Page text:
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The Steelers are not going to trade Mike Tomlin for a first-round pick

It’s a practical suggestion, but the logistics aren’t feasible.

Mike Tomlin the head coach of the Pittsburgh Steelers in the game against the Indianapolis Colts at Lucas Oil Stadium on December 16, 2023 in Indianapolis, Indiana. Photo by Andy Lyons/Getty Images

In getting around to sorting out all your comments for the weekly Sound-Off, I’m noticing an incredibly ubiquitous refrain: “Trade Tomlin.”

To me, this is the elevated form of the colloquial FAHR TAWMLIM discourse that has permeated online spaces like this for the better part of — oh, I don’t know, let’s say the entirety of Mike Tomlin’s tenure as head coach of the Steelers. It’s an intriguing pivot, and one rooted in rationality and practicality: if the consensus states—or more accurately seems to reflect—that Tomlin and the Steelers are bound to split potentially as early as this offseason, and very possibly next offseason when his current contract expires, then it makes sense to leverage his demonstrated aptitude to get something in return rather than firing him and getting nothing.

And this is something that makes sense to me, a nominal blogger who writes for expendable gambling income and to whom the inner workings of NFL management might as well be particle physics. Do you know who else might draw similar conclusions, that the Steelers want to get value in return for a commodity they may intend to discard regardless? That would be the front office of any other NFL team that might be interested in acquiring Tomlin’s services.

It is not a realistic expectation for another professional football franchise, one composed of an armada of experts in business and football operations, to trade prime draft capital for a head coach who has one year remaining on his contract. I think we can safely kill this narrative and bury it deep. The Steelers are not going to trade Mike Tomlin for a first-round draft pick, largely because no team is going to offer the Steelers a first-round draft pick in exchange for Mike Tomlin.

I wrote about this in a bit more depth in the last Sound-Off column, but trades for head coaches are extremely infrequent (this page details about a half-dozen such trades over the last 25ish years) and when they do occur, there is usually some sort of unique circumstance that justifies such as big swing. Taking the most recent example, the Broncos went all-in before the 2022 season by bringing on Nathaniel Hackett as a ploy to entice Aaron Rodgers, but ultimately “settled” for Russell Wilson when Plan A didn’t come to fruition. The 2022 season went about as poorly as it could’ve: Russell, freshly signed to one of the biggest contracts ever, had by far the worst season of his career, Hackett was fired before the last game of the regular season, and the Broncos finished the year 5-12.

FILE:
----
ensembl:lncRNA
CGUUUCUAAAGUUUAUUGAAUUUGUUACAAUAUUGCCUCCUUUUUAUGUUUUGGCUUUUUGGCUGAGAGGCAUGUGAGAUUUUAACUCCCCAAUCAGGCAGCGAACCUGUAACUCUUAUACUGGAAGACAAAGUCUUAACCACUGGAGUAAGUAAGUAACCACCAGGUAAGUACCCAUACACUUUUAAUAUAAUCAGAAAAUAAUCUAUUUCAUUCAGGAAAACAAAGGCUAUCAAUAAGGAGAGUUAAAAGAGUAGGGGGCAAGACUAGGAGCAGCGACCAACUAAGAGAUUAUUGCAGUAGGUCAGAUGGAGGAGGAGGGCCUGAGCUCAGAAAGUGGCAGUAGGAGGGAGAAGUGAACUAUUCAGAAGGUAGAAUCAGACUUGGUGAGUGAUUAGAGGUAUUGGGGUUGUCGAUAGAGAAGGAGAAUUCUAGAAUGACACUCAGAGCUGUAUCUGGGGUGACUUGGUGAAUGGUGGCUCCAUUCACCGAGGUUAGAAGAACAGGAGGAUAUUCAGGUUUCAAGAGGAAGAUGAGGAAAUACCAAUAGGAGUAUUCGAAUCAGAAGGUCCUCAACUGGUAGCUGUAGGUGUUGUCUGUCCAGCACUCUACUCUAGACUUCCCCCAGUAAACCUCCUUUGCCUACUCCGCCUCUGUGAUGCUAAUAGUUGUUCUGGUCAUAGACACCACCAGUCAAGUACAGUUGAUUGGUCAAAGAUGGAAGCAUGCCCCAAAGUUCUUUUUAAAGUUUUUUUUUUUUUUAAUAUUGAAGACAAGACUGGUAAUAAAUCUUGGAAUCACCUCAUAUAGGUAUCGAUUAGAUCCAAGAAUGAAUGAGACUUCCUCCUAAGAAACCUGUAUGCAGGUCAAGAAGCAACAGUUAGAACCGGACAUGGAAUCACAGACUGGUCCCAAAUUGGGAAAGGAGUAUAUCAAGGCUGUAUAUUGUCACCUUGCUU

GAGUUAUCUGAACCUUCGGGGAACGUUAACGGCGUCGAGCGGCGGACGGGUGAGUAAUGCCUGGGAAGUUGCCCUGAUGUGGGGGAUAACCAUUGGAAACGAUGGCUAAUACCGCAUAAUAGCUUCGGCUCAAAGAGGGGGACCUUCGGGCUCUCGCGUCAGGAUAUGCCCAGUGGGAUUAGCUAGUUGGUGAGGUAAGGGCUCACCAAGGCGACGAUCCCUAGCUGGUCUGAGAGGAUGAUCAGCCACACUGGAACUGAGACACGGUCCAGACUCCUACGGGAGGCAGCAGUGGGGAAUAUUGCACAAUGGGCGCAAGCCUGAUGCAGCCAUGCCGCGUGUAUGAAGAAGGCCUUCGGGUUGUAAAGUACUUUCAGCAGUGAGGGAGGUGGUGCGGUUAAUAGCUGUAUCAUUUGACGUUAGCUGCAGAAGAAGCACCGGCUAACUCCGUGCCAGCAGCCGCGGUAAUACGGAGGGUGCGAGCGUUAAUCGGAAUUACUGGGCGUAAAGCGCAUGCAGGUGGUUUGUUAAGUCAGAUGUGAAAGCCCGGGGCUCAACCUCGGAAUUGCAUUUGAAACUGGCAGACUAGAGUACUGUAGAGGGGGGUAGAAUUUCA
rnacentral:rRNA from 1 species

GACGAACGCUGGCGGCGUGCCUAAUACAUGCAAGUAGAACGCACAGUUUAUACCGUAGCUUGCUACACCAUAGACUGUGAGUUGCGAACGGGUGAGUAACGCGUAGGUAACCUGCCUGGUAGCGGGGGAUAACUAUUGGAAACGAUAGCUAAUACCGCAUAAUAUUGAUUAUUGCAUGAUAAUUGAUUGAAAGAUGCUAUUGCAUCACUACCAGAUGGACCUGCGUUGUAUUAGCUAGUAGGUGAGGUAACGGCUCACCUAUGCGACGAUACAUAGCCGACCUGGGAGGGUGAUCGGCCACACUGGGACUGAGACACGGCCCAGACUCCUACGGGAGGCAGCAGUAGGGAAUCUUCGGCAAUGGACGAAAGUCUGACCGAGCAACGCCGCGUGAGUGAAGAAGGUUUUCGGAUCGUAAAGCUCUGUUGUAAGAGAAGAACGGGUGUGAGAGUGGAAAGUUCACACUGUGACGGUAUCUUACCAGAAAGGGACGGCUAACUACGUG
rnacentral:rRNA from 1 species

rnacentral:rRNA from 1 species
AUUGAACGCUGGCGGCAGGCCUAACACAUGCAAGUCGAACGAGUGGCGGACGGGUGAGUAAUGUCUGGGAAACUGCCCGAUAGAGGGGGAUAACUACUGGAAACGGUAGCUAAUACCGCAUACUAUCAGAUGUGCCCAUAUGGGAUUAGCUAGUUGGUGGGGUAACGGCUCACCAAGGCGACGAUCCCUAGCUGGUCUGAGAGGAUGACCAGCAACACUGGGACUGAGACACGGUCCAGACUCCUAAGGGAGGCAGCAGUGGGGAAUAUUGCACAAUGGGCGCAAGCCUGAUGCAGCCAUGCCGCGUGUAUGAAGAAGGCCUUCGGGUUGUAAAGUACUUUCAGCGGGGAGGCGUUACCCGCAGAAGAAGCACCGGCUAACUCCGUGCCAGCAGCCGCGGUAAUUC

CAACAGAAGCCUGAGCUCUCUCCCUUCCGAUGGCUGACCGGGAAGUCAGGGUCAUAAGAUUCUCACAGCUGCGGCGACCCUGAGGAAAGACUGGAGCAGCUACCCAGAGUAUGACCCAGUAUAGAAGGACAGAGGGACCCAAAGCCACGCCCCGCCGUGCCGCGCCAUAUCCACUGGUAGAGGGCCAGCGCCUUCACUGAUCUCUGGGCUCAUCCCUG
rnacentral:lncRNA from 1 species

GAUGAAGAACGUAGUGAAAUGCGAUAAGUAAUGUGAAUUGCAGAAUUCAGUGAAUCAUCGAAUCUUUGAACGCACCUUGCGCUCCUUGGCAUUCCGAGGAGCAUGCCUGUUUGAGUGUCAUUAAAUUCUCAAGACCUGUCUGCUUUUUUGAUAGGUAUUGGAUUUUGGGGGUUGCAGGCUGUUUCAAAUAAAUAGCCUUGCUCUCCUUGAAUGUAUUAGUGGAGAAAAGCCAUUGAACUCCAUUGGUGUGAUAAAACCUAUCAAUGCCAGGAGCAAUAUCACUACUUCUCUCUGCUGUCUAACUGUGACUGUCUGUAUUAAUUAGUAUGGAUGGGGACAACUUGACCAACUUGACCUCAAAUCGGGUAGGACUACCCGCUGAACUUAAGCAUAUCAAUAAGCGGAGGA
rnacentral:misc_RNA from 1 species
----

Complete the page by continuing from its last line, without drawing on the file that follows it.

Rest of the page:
Denver, now stuck with what appeared to be an albatross quarterback contract, a barren stockpile of high draft picks, and no head coach, was left with little choice but to double down on their initial gamble that the team was on the precipice of contention. In response, they traded even more draft picks (where are they getting all these picks from??) to the Saints for Sean Payton and then paid him a bunch of money. That move has paid some dividends (the Broncos are currently 7-7 and, like the Steelers, unlikely to make the playoffs due to the Browns, Bengals, and Bills all winning last weekend), but certainly not to the extent that trades for Bill Belichick and Bruce Arians have paid.

Leaving aside what actually happened to the Broncos, though, let’s rewind and focus on the circumstances that prompted the decision to trade for Payton in the first place. How many teams in the NFL, right now, are a) locked into massive long-term quarterback contracts, b) close enough to actual contention that the thought of sacrificing a high draft pick now isn’t completely impalpable, and c) languishing under the existing coaching staff? Last week, I identified the Chargers as one such team, but then they got dog-walked by the Raiders and I’m no longer sure if point B. necessarily applies to them.

Of course, a lesser team presently locked into a rebuild could theoretically foot the bill for Tomlin, but they’d likely require assurance that he’d be willing to sign long-term. I saw the Panthers floated around in several of your comments, but the team owner—David Tepper—sucks immensely and I cannot imagine someone of Mike Tomlin’s pedigree subjecting himself to the infantilizing micromanagement to which Tepper subjected former head coach Frank Reich.

Moreover, the Panthers appear to have erred catastrophically by trading multiple first-round picks for the right to draft Bryce Young over C.J. Stroud. The Pittsburgh Pirates are a more attractive coaching destination for an NFL coach at present than the Carolina Panthers.

It’s also worth bearing in mind that the Steelers have leverage, too. If their asking price is a premium draft pick (or multiple premium picks), and it should be, then I think they’re going to have a hard time finding a willing trading partner who otherwise requires that pick (or those picks) to fill out the weak spots on its roster, including—potentially—a new quarterback. In other words, it makes a lot more sense to treat a head coach as a supplement to a franchise quarterback rather than a proxy for one in making these considerations.

All of this is to say — the Steelers will not trade Mike Tomlin. Please feel free to pass this along to the Old Takes Exposed Twitter account.